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  • appeal
  • 1961-06-06
  • GLR 301-305
  • Print



Family land?-Action against number of family for ejectment from portion occupied by him ?- Remedies open to family where member alienates portion without reference to them.


The defendant occupied a portion of Bawe land, belonging to the Agbeve family. In collaboration with one Akpalu, a junior member of the Agbeve family, the defendant alienated a portion of the said land to a stranger. Whereupon the plaintiffs, being the head and principal members of the Agbeve family, brought this action against the defendant to claim from him the portion he held, and to eject him altogether from the Bawe land, on the grounds that (a) he was not a member of the Agbeve family, and therefore he was a mere licensee, and (b) by dealing with a portion of the land without reference to the family, he had rendered his holding liable to forfeiture. In spite of ample evidence on the record that the defendant was a member of the Agbeve family, the South Anlo Local Court "A" found for the plaintiffs and ordered the defendant to be ejected. He appealed. [p.302]


APPEAL from the judgment of the South Anlo Local Court "A" ordering that defendant be ejected from family land in his possession.

This is an appeal from the judgment of the South Anlo Local Court "A" given in favour of the plaintiffs-respondents herein.

In view of the nature of the case and of arguments advanced in this court, I consider that the writ and/or particulars of the claim as filed should be fully set out, and they are as follows:

"The land commonly known and called Bawe land situate and being between Woe and Tegbi towns is admittedly the property of Agbeve family of Anloga and Woe ?- which is under the control and supervision of the plaintiffs as head and principal members of the said Agbeve family.

"The defendant who is not a member of the said Agbeve family has been wrongly and unlawfully granted a portion of the said Bawe land (previously cultivated by the late Abusah) by Kwashie Bohlibo Akpalu a junior member of the Agbeve family without the knowledge, consent and authority of the plaintiff and/or the family as a whole wherefore the plaintiffs?' claim against the defendant is for an order of ejection of the defendant from the land wrongly occupied by him at Bawe and bounded on the East by Bawe Tribal land, West by the land of farm cultivated by Tsigui Akpalu: North by the farm wrongly entered upon by Tetor Abotsi Aho and on the South by the farm wrongly entered upon by Denu Kese. [p.303]

2. A further order upon the defendant, his agents, servants and labourers to vacate any other portion of Agbeve family land known and called Bawe land, Aborme land and Aveglo land wrongly and unlawfully occupied and/or cultivated by him.

3. G100 damages for wrongful occupation and possession of the said Agbeve family land.?"

Paragraph 2 of the claim was amended as follows:

"To remove the full stop after word `him' appearing at the end of claim 2, and to add the following words: Upon the ground that the defendant unjustly and without any authority sold portion of the Agbeve family land at Woe-Aborme to a Madam Ablavi Adika Miheso of Woe.?"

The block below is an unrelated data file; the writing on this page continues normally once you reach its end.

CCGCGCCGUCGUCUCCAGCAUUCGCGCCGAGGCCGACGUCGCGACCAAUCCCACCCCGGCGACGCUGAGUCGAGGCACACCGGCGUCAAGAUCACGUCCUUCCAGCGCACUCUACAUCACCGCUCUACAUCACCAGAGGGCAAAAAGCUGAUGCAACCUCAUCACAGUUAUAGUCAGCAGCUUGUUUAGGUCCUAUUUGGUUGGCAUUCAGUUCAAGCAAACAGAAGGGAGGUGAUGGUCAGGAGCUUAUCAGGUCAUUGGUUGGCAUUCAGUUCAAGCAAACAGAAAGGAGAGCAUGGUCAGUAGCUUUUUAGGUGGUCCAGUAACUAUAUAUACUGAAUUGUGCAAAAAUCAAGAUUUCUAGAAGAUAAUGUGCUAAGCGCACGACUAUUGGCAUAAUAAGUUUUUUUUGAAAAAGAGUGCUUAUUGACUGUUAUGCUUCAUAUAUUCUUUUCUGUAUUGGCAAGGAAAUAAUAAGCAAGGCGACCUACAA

I gave leave to counsel to argue a preliminary point as to jurisdiction, and the point argued was that the native trial court had no jurisdiction to entertain a suit for ejectment. It was held in the case of Kwamin Akyin v. Essie Egymah1 that forms of action in native tribunals are not to be stressed where the issue involved is clear.

In this case, it is clear from the whole of the proceedings that what actually the plaintiffs sought by their writ was an order for the recovery of possession of land against the defendant, and therefore after hearing arguments, I ruled that there was no substance in the point taken, and called upon the appellants?' counsels to argue the merits of the appeal.

Of the several grounds of appeal filed, the only ones that it is necessary to consider, as in my opinion they must prevail, are:

"(2) That there is no evidence to substantiate the plaintiffs?' bold statement that the defendant is not a member of the Agbeve family, the owners of the land.

(4) That there is sufficient admission in the evidence of the plaintiffs that the defendants is a son of a member of the Agbeve family.

(5) That if there is evidence that the defendant is a member even of the general and not the immediate family of Agbeve, he is entitled to exercise the customary usufructural right to cultivate, farm and occupy family land, and cannot be ejected, even if he purports to alienate same.?"

I will deal with all these grounds together.

In the second paragraph of the particulars of claim, the respondents claimed that the appellant was not a member of the Agbeve family, but in giving evidence for and on behalf of the other respondents, the second plaintiff-respondent admitted that the defendant was a member of the Agbeve family on the maternal side, and it is not insignificant to observe that the second plaintiff himself admitted that he was a member of the said Agbeve family on the maternal side.